A Reason to Believe?

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It sounds cruel to some, to others it is a license to blaspheme, but the fact remains, without evidence, indisputable, religion is a farce, a con perpetrated on humans for millennia. Religion is nothing more than a way to subjugate a population, to have them believe that if they don’t follow the rules, laid down for them, that they will forever be tormented, in this life and in a supposed life after this one. There is no morality outside that which those in power tell us that comes from one god or another. We have no capacity for ourselves, it all comes from some supernatural being that is bent upon our total obedience.

I’m still looking for that evidence to show me that there is, in fact a god, any god, from any religion. Yes, atheists are out here looking for proof. I was recently asked that if there were indisputable proof of the existence of a god, would I then believe? I think I would. Until then, I will hold to what I think is my considerable judgement, based on current proof, that no, no god(s), of any religion, exist.

The question has always been in my mind, even as a believer, as to why, if a god existed, it wouldn’t just let us know and not give us nearly incomprehensible texts to read in order to believe? How difficult would it be for that same god, or gods, to just tell us absolutely without having to have faith or free will? Why allow an existence of pain and suffering for its own creation when in a blink of an eye, that same being could put an end to all strife on the planet it created,  institute harmony among all of his creation?

Well, of course any proof of any god would instantly end the economic fraud that is churches. We wouldn’t need to go to church to be instructed what we may or may not do as whatever god decided to make itself known, would actually tell us. An entire multi-billion dollar industry would actually collapse overnight.

We actually have in this world, grifters that are sanctioned by governments. You or I would be arrested for portraying ourselves as they make themselves out.  No one would believe in The Church of [Name Your Favorite  Comic Book Character Here].  Why aren’t the same skeptical about those that would preserve an unfounded belief in order to enrich themselves without having to pay a single penny in tax? How much do these same institutions of God actually give to preserve the poor, to feed the starving, to bring medical attention to those wasting away from disease?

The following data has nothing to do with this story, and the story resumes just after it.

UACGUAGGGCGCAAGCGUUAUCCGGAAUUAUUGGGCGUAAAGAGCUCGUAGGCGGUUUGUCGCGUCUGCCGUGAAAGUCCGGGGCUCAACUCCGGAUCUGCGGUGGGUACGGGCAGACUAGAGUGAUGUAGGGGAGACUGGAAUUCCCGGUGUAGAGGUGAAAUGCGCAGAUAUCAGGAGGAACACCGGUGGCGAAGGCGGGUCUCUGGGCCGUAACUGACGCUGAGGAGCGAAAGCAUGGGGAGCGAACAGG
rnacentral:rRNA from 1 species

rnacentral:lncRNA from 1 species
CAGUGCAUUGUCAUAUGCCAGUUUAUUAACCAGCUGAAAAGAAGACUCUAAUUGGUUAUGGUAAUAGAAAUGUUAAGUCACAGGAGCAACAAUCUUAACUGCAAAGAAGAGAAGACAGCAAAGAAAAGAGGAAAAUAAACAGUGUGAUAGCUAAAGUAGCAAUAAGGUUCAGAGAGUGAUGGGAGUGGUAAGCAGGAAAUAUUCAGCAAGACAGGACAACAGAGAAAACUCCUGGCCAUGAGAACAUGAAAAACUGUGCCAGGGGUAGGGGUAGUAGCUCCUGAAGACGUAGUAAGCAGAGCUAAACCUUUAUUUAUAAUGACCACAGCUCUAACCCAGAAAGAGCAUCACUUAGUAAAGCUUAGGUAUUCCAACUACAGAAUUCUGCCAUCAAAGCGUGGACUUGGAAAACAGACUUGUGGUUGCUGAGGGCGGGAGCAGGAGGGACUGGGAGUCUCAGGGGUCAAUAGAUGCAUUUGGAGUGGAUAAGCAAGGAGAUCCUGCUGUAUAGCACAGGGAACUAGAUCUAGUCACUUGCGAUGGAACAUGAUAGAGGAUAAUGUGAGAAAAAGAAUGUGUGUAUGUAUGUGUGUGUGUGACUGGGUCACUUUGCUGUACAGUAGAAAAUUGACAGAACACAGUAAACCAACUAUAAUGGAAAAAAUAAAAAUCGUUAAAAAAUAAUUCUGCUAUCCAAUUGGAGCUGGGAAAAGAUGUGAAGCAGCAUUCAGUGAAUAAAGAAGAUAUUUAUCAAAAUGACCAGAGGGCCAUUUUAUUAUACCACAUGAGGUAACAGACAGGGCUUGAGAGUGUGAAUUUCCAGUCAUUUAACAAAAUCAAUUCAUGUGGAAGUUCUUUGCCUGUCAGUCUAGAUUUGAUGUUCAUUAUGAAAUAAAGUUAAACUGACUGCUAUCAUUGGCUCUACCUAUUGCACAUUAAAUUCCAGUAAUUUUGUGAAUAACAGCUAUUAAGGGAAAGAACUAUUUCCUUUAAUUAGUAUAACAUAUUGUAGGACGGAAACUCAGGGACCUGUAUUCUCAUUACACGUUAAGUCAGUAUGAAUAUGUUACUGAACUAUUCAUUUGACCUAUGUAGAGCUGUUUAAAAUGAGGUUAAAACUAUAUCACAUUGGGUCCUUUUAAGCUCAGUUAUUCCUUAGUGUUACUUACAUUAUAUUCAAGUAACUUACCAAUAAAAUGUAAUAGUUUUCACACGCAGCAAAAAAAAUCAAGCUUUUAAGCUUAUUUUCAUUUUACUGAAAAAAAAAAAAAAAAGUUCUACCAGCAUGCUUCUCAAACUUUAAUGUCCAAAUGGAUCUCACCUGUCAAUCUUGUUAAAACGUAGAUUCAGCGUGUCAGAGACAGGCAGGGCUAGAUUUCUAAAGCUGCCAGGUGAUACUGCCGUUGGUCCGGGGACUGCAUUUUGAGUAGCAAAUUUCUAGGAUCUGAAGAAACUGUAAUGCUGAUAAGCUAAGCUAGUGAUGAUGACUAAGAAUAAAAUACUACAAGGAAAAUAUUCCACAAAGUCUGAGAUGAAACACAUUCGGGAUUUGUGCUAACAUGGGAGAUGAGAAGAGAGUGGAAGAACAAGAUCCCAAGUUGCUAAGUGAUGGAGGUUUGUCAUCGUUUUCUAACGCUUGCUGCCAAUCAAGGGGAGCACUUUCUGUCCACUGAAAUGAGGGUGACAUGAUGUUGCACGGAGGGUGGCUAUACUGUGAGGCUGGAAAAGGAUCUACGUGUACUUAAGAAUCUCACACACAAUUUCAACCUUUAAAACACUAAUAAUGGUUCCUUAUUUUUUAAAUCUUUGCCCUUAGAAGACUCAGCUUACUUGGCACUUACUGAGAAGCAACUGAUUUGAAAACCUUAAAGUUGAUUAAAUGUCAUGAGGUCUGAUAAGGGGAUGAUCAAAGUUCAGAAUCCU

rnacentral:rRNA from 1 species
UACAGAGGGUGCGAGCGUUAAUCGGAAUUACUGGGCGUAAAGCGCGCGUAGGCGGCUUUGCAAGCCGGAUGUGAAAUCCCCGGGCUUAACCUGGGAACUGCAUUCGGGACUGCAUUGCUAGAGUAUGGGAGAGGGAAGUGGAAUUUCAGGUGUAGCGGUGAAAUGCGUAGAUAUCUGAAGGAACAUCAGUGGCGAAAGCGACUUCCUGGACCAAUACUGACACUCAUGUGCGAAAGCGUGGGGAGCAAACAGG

My guess, and it’s really not much of a guess, is that the revenue received is mostly placed into their own coffers and very little of that goes to help those in need. Unfortunately, at least here in the United States, we may never know as these same aren’t required to file how their monies are spent. That should change, not just for churches, bur for every organization that is declared to be a 501(c)3.

It’s really taxpayers money, in the long run, when any organization isn’t required to inform the public how and where their monies were allocated. And so, because many of these same religious institutions won’t even tell their congregants where their money is spent, should these people be tithing to that company(yes, it’s no different in this case from any company)?

What do I receive for my investment?  That’s what people should be asking. But here we are, 2,000 years later, with the same marks, falling for the same scam. Over and over again. Of course, those that give the most are somehow, someway promised the better places in heaven. Okay, maybe that’s not true, but if anyone that’s been in a Christian church in their life understands that the largest donors receive the most attention.

So why do people still believe in some sort of god? Although there are many today, those describes in polls  as nones that would say they just don’t believe in the teaching anymore, there are still plenty of people that have decided it’s safer to believe, without knowing, than to actually use reason and reject the most obvious con game ever invented.

 

 

 

8 thoughts on “A Reason to Believe?

  1. Just to be clear, there is a difference between deity belief (faith in a god) and the invention of the religions that support those beliefs. While both may reside in or be the result of human imagination, religion is totally human made for human gain.

    The “pure” believer has no need in religion or even scripture. But that is just my opinion. Of course, what the pure believer believes may be detrimental to his or her own self, as well as, to society. Or it may merely be mental illness, as may all faith and belief in unsubstantiated supernatural entities.

    But that which promotes good in people is okay by me, whether it is their own minds or their religion that supports their deity belief.